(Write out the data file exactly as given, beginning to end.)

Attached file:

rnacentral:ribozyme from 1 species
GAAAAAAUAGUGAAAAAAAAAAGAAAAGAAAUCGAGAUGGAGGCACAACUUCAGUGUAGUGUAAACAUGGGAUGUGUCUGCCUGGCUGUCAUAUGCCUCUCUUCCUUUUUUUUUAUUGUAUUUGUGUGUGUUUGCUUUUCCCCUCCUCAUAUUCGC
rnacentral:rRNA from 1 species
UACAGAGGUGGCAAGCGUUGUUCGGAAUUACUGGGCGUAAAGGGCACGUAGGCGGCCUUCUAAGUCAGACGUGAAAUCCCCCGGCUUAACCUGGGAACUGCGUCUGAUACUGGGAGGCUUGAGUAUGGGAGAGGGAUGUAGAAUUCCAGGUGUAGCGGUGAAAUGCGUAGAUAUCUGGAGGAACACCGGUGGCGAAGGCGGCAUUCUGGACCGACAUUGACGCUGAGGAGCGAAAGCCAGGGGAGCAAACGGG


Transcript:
rnacentral:ribozyme from 1 species
GAAAAAAUAGUGAAAAAAAAAAGAAAAGAAAUCGAGAUGGAGGCACAACUUCAGUGUAGUGUAAACAUGGGAUGUGUCUGCCUGGCUGUCAUAUGCCUCUCUUCCUUUUUUUUUAUUGUAUUUGUGUGUGUUUGCUUUUCCCCUCCUCAUAUUCGC
rnacentral:rRNA from 1 species
UACAGAGGUGGCAAGCGUUGUUCGGAAUUACUGGGCGUAAAGGGCACGUAGGCGGCCUUCUAAGUCAGACGUGAAAUCCCCCGGCUUAACCUGGGAACUGCGUCUGAUACUGGGAGGCUUGAGUAUGGGAGAGGGAUGUAGAAUUCCAGGUGUAGCGGUGAAAUGCGUAGAUAUCUGGAGGAACACCGGUGGCGAAGGCGGCAUUCUGGACCGACAUUGACGCUGAGGAGCGAAAGCCAGGGGAGCAAACGGG